III. ANALYSIS

         A. Failure to Properly Weigh Treating Physician's Opinion

         At step four of the sequential evaluation process, the ALJ assesses the claimant's RFC and ability to perform past relevant work. Phillips, 357 F.3d at 1238. “The residual functional capacity is an assessment, based upon all of the relevant evidence, of a claimant's remaining ability to do work despite his impairments.” Lewis v. Callahan, 125 F.3d 1436, 1440 (11th Cir. 1997). The ALJ is responsible for determining the claimant's RFC. 20 C.F.R. §§ 404.1546(c); 416.946(c). In doing so, the ALJ must consider all relevant evidence, including, but not limited to, the medical opinions of treating, examining, and non-examining medical sources. 20 C.F.R. §§ 404.1545(a)(1), (3); 416.945(a)(1), (3); see also Rosario v. Comm'r of Soc. Sec., 877 F.Supp.2d 1254, 1265 (M.D. Fla. 2012).

         The weighing of treating, examining, and non-examining physicians' opinions is an integral part of steps four and five of the sequential evaluation process. In Winschel v. Comm'r of Soc. Sec., 631 F.3d 1176 (11th Cir. 2011), the Eleventh Circuit stated that: “‘Medical opinions are statements from physicians and psychologists or other acceptable medical sources that reflect judgments about the nature and severity of [the claimant's] impairment(s), including [the claimant's] symptoms, diagnosis and prognosis, what [the claimant] can still do despite impairment(s), and [the claimant's] physical or mental restrictions.'” Id. at 1178-79 (quoting 20 C.F.R. § 404.1527(a)(2)) (alterations in original). “[T]he ALJ must state with particularity the weight given to different medical opinions and the reasons therefor.” Id. at 1179 (citing Sharfarz v. Bowen, 825 F.2d 278, 279 (11th Cir. 1987)). “In the absence of such a statement, it is impossible for a reviewing court to determine whether the ultimate decision on the merits of the claim is rational and supported by substantial evidence.” Id. (quoting Cowart v. Schwieker, 662 F.2d 731, 735 (11th Cir. 1981)).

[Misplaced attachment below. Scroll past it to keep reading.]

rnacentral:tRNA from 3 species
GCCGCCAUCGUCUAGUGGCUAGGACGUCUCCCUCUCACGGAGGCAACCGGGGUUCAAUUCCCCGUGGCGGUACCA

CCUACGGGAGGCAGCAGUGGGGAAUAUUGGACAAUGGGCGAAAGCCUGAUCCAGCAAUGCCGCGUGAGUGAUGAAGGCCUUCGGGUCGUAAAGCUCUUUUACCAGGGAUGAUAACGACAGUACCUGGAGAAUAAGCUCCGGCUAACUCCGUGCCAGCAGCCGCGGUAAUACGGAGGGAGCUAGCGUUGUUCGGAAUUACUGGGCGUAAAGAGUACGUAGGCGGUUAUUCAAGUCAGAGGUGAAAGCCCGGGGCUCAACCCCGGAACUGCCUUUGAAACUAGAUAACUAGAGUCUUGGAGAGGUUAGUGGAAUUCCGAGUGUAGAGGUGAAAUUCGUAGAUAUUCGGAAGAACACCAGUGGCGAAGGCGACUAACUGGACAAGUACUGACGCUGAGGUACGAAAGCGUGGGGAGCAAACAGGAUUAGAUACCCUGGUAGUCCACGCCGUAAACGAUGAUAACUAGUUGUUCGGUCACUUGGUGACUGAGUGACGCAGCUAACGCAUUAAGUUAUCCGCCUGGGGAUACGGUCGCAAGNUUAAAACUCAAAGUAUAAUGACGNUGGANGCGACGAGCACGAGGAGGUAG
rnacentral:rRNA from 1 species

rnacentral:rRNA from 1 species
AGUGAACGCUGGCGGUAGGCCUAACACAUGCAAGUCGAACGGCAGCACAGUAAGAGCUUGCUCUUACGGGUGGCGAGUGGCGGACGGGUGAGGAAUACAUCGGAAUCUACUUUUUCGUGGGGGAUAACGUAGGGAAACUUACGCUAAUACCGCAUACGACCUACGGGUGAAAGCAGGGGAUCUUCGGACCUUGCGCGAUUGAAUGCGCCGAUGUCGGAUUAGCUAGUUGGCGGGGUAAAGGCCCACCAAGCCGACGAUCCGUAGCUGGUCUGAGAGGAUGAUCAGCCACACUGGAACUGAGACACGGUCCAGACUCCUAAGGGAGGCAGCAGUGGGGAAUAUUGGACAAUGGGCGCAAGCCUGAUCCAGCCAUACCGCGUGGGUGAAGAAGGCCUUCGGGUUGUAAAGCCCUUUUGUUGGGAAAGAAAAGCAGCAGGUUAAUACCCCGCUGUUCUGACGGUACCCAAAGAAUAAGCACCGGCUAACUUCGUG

The ALJ must consider a number of factors in determining how much weight to give each medical opinion, including: 1) whether the physician has examined the claimant; 2) the length, nature, and extent of the physician's relationship with the claimant; 3) the medical evidence and explanation supporting the physician's opinion; 4) how consistent the physician's opinion is with the record as a whole; and 5) the physician's specialization. 20 C.F.R. §§ 404.1527(c); 416.927(c). A treating physician's opinion must be given substantial or considerable weight, unless good cause is shown to the contrary. Winschel, 631 F.3d at 1179; see also 20 C.F.R. §§ 404.1527(c)(2); 416.927(c)(2) (giving controlling weight to the treating physician's opinion unless it is inconsistent with other substantial evidence). “Good cause exists when the: (1) treating physician's opinion was not ...